Friday, July 09, 2010

A turbulent year for Google

Google has been through a turbulent period this year. Following hacking attempts, the search giant created consternation within China after it announced it was unwilling to censor search results. After a war of words, mostly issued from China's state media, Google moved its search operations to Hong Kong by way of a redirect. However the redirect did not please authorities and Google changed its approach by creating a 'landing page' with links to its Hong Kong based servers. This came as Google reapplied for its licence needed to continue operating in China.

It has not only been Chinese authorities that have been angered by Google. In Europe, the US and several other parts of the world there was outrage after it was revealed that Google had collected WiFi data as it had gathered images for its Street View service. Street View had already created controversy with many people citing privacy issues, but the collection of SSID information as the Google cars passed WiFi points raised deeper concerns. Just as social networking site Facebook raised worries over privacy, so did Google Buzz which was launched earlier this year.

All the concerns about Google has severely affected its stock. Google's shares have fallen more than 30% since the beginning of the year to close at $436.07 on Nasdaq on Tuesday after ending 2009 at $626.75. Google have yet to announce their second quarter profits. However JPMorgan Securities are not optimistic and have cut the price target on shares of Google Inc by 11% to $566 and lowered its second-quarter outlook. Its decision is partly due to the discontinuation of the online sales of the company's Nexus One smartphones [AP].

It has not all been bad news for Google. Android's share of the US smartphone market surged 4% between February and May, according to research outfit comScore, putting Google on the verge of overtaking Microsoft for the number three spot behind RIM BlackBerry and Apple. Android still remains behind other mobile systems, but it is fast catching up.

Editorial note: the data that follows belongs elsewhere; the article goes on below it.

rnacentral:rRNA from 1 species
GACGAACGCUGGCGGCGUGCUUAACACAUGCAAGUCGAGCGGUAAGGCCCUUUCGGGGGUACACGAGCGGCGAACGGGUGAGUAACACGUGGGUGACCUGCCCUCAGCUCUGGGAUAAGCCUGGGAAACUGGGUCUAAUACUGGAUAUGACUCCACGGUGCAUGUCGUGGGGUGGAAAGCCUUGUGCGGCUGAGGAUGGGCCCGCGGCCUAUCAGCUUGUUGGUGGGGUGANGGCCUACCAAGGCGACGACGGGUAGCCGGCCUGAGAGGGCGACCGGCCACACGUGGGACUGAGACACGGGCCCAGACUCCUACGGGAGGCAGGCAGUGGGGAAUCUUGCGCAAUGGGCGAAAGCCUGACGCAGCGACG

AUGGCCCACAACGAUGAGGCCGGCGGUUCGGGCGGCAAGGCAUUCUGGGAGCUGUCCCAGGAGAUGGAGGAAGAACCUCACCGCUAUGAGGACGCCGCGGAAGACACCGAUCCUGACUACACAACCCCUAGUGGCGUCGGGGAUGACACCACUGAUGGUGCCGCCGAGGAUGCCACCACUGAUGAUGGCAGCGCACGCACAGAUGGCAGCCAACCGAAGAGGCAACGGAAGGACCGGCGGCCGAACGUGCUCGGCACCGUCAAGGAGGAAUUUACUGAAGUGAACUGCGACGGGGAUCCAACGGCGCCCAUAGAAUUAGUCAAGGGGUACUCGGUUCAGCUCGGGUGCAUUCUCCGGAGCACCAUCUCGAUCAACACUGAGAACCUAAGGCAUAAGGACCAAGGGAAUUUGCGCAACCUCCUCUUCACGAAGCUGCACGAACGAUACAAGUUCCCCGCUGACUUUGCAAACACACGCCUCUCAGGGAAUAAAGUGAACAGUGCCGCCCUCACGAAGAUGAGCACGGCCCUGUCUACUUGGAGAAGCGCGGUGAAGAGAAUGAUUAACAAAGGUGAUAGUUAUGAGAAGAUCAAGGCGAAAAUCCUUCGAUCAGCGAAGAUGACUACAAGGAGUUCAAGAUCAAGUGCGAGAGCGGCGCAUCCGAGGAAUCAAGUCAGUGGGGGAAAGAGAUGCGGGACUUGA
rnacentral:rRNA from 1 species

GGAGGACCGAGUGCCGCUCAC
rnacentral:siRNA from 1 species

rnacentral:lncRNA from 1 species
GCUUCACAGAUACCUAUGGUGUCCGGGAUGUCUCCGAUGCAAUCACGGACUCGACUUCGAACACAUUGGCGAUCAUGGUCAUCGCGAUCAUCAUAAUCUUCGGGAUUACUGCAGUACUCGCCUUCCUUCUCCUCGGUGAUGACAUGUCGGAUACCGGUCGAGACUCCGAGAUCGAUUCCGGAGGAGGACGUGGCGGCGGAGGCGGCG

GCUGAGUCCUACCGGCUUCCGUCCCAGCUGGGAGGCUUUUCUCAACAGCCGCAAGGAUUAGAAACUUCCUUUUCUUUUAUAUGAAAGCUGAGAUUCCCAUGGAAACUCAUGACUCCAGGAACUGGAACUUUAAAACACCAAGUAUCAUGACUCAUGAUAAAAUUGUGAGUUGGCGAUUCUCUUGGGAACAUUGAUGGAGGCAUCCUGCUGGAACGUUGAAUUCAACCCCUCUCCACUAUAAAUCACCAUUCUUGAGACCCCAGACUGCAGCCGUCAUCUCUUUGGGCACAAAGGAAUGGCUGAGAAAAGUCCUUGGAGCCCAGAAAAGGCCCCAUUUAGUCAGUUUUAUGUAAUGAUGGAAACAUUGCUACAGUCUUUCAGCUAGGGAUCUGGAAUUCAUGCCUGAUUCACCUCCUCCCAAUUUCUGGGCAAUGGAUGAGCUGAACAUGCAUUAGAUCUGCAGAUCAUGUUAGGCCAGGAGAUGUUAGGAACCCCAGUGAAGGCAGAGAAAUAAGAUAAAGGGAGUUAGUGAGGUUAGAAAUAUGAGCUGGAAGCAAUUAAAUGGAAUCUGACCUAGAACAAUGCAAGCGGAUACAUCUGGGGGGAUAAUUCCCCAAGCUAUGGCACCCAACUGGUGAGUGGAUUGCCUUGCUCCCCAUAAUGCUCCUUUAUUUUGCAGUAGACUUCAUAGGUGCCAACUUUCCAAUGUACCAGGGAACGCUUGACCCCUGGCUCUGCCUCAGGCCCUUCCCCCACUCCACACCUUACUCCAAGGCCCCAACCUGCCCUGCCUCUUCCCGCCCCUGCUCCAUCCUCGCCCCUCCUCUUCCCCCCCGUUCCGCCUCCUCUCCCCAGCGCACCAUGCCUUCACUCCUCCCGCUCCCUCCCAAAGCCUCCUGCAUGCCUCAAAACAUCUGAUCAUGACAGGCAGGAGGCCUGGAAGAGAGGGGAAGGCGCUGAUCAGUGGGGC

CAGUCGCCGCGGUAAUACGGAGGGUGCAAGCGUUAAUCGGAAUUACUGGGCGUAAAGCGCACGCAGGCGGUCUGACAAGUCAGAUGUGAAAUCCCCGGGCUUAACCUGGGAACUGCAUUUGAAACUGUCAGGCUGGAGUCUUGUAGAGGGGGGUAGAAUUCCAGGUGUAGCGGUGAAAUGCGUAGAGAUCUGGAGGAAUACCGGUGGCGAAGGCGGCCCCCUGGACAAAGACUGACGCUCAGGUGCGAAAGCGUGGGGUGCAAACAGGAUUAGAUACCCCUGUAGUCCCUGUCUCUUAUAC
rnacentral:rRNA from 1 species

Google's Chrome Web browser has reached 7.24% of the world-wide browser market in June and is the fastest-growing program for surfing the Web, according to data from, which tracks Web usage. Google says Chrome had more than 70 million active users in May, up from 30 million in June 2009 [WSJ].

While only at the number three spot Google has yet to create major concern amongst the other major players, but that may soon change. The take-up of both Android phones and Google Chrome is growing. Android take-up is tempered by people's contracts and the cost of phones however. The relatively recent launch of several high-end Android models has increased the profile of Google's mobile operating system. But with many consumers tied into 18 and 24 month contracts, which they may have taken less than a year ago, it may be some time before people change to Android and affect the market share.

Where Google Android wins over the Apple iPhone and WinMo 7 is on open sourcing. Apple offers an extensive selection of apps. However Apple CEO Steve Jobs is often selective on what he allows to be used on the iPhone. Users have downloaded some 2 billion applications from its ever-expanding library of 100,000 applications but some users complain that some applications are missing. Some banned apps are undoubtedly tasteless, but there have been accusation that Apple are overzealous in its censoring of apps.

The omission of Adobe's Flash has also been seen as spiteful by some and a curtailing of the online experience. Many videos will only play on Flash and some WiFi access points require Flash to enable logging on.